Foreign exchange reserves surpass $600 bn; What does it mean to Indian economy

India's foreign exchange reserves cross $600 billion
India’s foreign exchange reserves may not be built on a strong foundation as 61% of its external debt is of short-term nature and will mature in a year.

India’s foreign exchange reserves surpassed $600 billion in the week ended June, leading to jubilation among of some economy watchers. With the global economy struck by the Covid-19 pandemic even before recovering fully from the financial crisis of 2007, the steadily increasing forex reserves may seem paradoxical and unbelievable. This also comes in the backdrop of the economy posting a current account surplus after a gap of 17 years, boosted by net capital inflows, both in the form of portfolio inflows and direct foreign investment. Do the foreign exchange reserves and the current account deficit indicate that the Indian economy, especially its external sector, is in the pink of health, or are there any unseen risk lurking behind these numbers?

The forex reserves have been witnessing a steep increase due to the rising inflows on the FDI and PFI front on the capital and financial account. There has been a steep increase in India’s forex reserves in the last two years (Figure 1). At $600 billion, the forex reserves are now around 22% of the country’s gross domestic product (GDP). But the positive signals from the current account front should be seen in the context of falling overall imports and a sagging Indian economy. In fact, the investment downturn in the Indian economy that started 10 years ago is yet to show any sign of reversal.

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Remittances, service exports dominate inflows

A quick analysis of the balance of payment disaggregates of the last 20 years would be in order. Indian economy saw current account deficits in most years between 2000 and 2020, except for four years (Figure 2). Throughout the period, India had a merchandise trade deficit, but the remittances inflow provided some cushion on the current account front. With more than 17.5 million Indians working abroad (the World Migration Report 2020), India is the top recipient of remittances ($83.3 bn) in the world.

On the invisibles front, i.e., balance on services, India is possibly one of the few developing economies that enjoys a surplus. Despite huge remittances and service exports, India has had a current account deficit because of its huge merchandise trade deficit and net outflows of investment income. In other words, much of the foreign exchange reserves has not been on account of the current account surpluses. There have been a few years like the current one where the levels of imports grew at a slow pace due to low rates of economic growth.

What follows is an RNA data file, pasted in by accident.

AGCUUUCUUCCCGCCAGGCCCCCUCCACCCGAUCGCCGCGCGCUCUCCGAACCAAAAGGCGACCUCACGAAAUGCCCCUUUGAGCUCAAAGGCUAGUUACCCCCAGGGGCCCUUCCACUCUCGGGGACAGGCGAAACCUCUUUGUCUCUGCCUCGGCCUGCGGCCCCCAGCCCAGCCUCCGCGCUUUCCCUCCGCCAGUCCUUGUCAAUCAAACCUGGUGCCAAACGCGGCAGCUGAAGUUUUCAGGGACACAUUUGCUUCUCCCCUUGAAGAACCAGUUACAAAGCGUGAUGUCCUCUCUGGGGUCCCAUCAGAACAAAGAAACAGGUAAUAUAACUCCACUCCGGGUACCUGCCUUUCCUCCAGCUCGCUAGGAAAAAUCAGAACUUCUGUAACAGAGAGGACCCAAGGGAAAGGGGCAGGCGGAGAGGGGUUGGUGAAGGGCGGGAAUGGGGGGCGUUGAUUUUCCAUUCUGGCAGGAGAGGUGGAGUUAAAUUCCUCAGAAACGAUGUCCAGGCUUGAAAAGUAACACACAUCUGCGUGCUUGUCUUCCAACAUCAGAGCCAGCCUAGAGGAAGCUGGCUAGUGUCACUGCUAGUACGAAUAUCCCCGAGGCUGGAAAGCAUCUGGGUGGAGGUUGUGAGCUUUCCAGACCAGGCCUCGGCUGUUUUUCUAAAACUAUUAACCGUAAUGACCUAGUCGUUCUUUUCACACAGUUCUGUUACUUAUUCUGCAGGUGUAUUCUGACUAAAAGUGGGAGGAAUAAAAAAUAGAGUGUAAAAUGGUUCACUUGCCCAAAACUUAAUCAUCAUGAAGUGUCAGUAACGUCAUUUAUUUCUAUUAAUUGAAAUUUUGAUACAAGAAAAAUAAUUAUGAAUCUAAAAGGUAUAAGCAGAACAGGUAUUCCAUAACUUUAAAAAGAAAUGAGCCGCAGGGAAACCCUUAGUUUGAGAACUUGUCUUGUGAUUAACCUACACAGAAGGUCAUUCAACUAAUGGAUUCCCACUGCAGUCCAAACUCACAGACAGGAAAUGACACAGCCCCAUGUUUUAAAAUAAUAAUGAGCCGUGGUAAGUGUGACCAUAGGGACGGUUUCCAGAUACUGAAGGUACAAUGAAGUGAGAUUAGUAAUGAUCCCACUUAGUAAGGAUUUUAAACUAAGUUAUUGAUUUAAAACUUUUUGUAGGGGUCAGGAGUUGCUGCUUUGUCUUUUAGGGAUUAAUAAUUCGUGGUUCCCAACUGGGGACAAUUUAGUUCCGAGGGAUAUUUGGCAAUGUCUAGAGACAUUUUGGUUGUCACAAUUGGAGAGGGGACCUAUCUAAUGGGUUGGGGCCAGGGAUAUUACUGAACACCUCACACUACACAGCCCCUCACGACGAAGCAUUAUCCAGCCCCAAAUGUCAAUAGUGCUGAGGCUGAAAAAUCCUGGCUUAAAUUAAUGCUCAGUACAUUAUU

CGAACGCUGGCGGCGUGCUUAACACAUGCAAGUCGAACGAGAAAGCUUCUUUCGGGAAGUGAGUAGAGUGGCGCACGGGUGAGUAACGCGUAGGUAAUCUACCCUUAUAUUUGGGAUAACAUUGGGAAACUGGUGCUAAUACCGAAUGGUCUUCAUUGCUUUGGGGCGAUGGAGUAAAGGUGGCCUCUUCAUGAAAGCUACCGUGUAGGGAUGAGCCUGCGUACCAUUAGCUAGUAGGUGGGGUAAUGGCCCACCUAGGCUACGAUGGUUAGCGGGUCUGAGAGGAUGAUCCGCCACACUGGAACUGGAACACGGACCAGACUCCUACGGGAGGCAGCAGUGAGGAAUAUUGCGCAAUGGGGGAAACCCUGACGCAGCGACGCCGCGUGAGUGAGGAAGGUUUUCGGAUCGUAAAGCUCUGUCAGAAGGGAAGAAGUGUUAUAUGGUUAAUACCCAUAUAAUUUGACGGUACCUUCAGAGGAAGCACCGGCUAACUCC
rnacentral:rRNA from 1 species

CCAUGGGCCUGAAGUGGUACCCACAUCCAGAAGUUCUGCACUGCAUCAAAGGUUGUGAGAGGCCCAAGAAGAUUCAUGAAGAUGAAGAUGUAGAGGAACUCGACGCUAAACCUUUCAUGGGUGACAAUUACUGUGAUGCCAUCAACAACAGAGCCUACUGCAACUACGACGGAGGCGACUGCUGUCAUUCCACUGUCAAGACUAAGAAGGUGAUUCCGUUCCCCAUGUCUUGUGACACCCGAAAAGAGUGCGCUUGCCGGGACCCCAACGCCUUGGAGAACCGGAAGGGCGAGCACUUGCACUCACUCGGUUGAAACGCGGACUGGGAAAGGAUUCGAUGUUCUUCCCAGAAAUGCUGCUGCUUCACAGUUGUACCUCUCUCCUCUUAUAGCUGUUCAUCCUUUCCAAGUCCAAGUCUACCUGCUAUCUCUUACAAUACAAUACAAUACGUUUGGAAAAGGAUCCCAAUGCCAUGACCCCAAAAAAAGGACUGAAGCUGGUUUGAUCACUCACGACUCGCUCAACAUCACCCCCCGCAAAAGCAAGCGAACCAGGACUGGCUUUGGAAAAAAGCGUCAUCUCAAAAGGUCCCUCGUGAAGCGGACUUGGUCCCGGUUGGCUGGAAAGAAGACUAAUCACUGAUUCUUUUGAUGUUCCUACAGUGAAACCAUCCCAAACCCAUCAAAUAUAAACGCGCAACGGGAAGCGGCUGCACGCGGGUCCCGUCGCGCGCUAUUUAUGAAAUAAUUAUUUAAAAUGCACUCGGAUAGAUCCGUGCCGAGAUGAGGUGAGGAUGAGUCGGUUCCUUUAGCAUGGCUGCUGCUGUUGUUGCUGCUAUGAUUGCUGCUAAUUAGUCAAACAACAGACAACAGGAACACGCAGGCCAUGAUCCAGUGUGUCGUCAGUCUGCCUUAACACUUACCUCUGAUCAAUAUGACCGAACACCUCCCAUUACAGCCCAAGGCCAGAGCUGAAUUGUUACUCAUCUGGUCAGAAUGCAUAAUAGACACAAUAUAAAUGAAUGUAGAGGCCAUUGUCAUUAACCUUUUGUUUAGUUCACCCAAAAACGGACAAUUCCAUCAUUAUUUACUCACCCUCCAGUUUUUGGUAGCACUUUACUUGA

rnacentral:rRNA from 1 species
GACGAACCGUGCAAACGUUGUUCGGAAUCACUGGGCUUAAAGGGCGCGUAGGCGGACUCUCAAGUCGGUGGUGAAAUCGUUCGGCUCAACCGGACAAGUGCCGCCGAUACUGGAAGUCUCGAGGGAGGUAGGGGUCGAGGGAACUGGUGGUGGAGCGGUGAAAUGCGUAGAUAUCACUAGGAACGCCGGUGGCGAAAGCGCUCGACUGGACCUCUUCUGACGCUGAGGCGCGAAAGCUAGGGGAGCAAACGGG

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Capital inflows boost foreign exchange reserves

The accumulation of foreign exchange reserves has been on account of the net capital inflows on the capital/ financial account. Other than in the last two years when foreign direct and portfolio investments have been the important contributors to the capital account, external commercial borrowings comprised bulk of the inflows. Non-financial corporations in emerging market economies including India have increased their borrowings from the international market to benefit from the interest rate differential.

None of the last 20 years saw net outflows on the capital account. In 2007, the net capital inflows were as high as $94 bn (9.4% of the GDP), far higher than required to bridge India’s current account deficit. All these years of net capital inflows have been adding to the foreign exchange reserves, as well as to the stock of external debt of the country.

In other words, in contrast to economies like China where the net capital inflows were only supplementing the current account surpluses in adding to their foreign exchange kitty, ours is largely based on the accumulated liabilities over time. In fact, while we have the fifth largest foreign exchange reserves in the world next only to China, Japan, Switzerland and Russia, all these economies have consistently had a positive current account, whereas ours has been largely made out of financial account surpluses.

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One would ask what’s wrong with mobilising financial resources from the rest of the world, particularly when the interest rates are very low? The Economic Survey 2020-21 will help one understand the situation. Of the total stock of external debt of $558.2 billion, 19.1% is of short-term debt of less than one year maturity and 42.4% is of residual maturity. In other words, 61% of India’s external debt (i.e., more than $300 billion) is purely of short-term nature and will mature in the course of the year.

If the economy is able to roll over these liabilities on maturity, there isn’t any threat. But that is only one possibility. Given that the international rates of interest are set to firm up with the vaccination rounds complete in the US and Europe and the green shoots of growth showing up, the interest rate differential that helps India attract capital inflows would cease to exist. In that eventuality, India might be in for a big problem on the external front. It is because of the volatile nature of the short-term loans in its debt portfolio that many countries have resorted to capital controls in a big way, to which India has not been open.

Let’s put the discussion on India’s foreign exchange reserves in perspective. As per the Economic Survey, the overall international financial liabilities (both debt and non-debt) of India are more than twice (210%) its reserves. Therefore, even when the country basks in the glory of the $600 bn forex reserves, a taper tantrum moment like the one witnessed in 2013 could test its quality and sustainability.

(Krishnakumar S teaches economics at Sri Venkateswara College, University of Delhi.)